translation modified) of By coming intoplaywithout being exhaustedby the reversal under the "logic" of Ereignis [Es phrases. This redrawing can be read as a "going beyond the Greek" and as an opposition to the criteria of validation narrowly embraced by the sciences."" language remains an instru Itexchanges this analytic for one in which language is the unfolding [wesen] of the being of things. (NL.4 to correct In the scope of this question. In this experience with language. the topology of truth is redrawn. since the latterdoes In the whole an opening comes into com in Being and Time. 94. an analytic ment at the service of man. from unconcealment ness. it is the kin4sis of language. has to be understood in its verbal sense as Es west: "it unfolds unfolding its duration. we must acknowledge the in the sense of the open fact that aldtheia. we cannot presume not become exhausted at all ina simple reversal of the order ofwords of the first turn of phrase. is also untenable." der Sprache of the guide-word a play. But then the assertion about the essential transfor mation of truth. The "experience with language" undergone in "The Nature of Language" is formulated succinctly in the "transfor [Das Wesen der Sprache] in which mation" thatHeidegger's guide-word [Leitwort] suffers: "Das wesen Die Sprache des Wesens." This reconfiguration leaves behind the metaphysically-oriented analytic of language in something which. This topological reconfiguration of the truthof Being is formu lated in terms of a "task [Aufgabe] of thinking. that is. Heidegger explains. thisopening is thought gibt."'6 Das wesen names the unveiling. unconcealment as ing of presence. as the correctness of representations and state ments. itshappen .] Das Wesen. was originally only experienced As part of this shift.ABYSSAL GROUNDS 63 orthotes.Heidegger's thought undergoes "an experience with language" that profoundly determines the relationship of truth as the unveiling of L6gos-Al6theia. beckoning that points to ing from the firstturn of phrase. including the disper sion of philosophy familiar to the "human sciences. the second.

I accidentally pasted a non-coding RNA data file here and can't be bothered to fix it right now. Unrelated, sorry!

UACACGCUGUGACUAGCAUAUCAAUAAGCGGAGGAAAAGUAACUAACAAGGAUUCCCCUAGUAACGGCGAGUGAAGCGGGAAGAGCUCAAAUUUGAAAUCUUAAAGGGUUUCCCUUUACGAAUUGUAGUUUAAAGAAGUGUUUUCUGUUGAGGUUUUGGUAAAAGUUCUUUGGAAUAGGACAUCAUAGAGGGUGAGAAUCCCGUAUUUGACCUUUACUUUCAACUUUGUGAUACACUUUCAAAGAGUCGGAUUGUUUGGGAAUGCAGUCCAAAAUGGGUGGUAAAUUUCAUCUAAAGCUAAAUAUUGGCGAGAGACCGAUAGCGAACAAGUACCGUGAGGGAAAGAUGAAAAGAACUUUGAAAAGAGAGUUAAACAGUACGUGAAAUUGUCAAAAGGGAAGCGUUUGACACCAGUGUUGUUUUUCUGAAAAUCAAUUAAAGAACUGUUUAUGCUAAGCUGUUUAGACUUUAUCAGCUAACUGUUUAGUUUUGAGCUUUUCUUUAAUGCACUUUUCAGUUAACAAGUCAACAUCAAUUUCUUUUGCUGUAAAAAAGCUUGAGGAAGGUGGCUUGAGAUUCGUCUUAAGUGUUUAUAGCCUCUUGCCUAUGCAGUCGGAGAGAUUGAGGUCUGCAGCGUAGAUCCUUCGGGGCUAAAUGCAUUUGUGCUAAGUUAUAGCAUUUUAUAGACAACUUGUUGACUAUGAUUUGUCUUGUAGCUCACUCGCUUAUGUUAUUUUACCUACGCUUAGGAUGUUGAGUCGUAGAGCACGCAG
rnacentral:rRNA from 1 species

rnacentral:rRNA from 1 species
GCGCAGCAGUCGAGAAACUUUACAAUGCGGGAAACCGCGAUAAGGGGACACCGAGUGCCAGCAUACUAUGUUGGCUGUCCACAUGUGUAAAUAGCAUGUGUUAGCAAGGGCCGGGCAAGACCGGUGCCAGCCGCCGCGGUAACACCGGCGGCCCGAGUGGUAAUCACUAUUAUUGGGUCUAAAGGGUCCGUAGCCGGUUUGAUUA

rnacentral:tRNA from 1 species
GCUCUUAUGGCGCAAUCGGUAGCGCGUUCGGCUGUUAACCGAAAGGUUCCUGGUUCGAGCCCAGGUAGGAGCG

" that is. Lacan's treatment of das Ding has little to do with Heidegger's. One may hesitate to use this term in its generality with most decisive place. In fact. It is possible Lacan explicitly refers his own of the Thing [la Chose] to Heidegger's das Ding. Heidegger where he himself seems to lead the discussion to a different path. Lacan's approach to the Thing has more to do with the Freud of the Entwurf as read through the elaboration Freud of the Beyond the Pleasure Principle. He silences Heidegger when crucial articulations Lacan some important structural similarities are at play. therefore. a careful reading of Lacan's in terpretation of Antigone shows that Lacan is attentive to the same in Sophocles' play that were analyzed by therefore invokes Heidegger. Itcould be said. at least an ethics of thinking. Insofaras language [Sprache] isunderstood as "event. that is. Heideggerian. This strategy should not make us lose sight of the fact that Lacan encounters Heidegger on a similar ground.64 GABRIEL RIERA ingor "event" [Ereignis]. and also how both Freuds are read through Kant. Heidegger's "presence" is felt through out the Seminar and particularly in Lacan's reading of Sophocles' erations. implies an ethics."18 Despite extensive references to the literatureon Antigone." as unveiling. Still. especially if on the question of ethics in the "Letter on Humanism. Before analyzing Lacan's treatment of das Ding in greater de in the Seminar. As will become clear in what follows. that the "overcoming [Verwindung] of the Greek experience. it is nevertheless in the domain of an ethics that Lacan's encounter with philosophy and with Heidegger takes am I referringhere to Lacan's Seminar on The Ethics of Psy to detect in this Seminar a series of gestures. In The tail. displacements. "the task [Aufgabe] of thinking" one keeps in mind his harsh words respect to Heidegger. op and reinscriptions that are characteristically choanalysis. letme point to some crucial articulations . On several occasions Antigone inview of presenting the unpresentable "line of sight [point de visde] that defines desire."17 In spite of imposed by this Verwindung. to das Ding as a condition of possibility of desire. Lacan does not mention Heidegger's reading of the Greek tragedy. the reticence one may feel in attributing to Heidegger an ethics of thinking. Nevertheless. itgives [gibt] to things their determinations.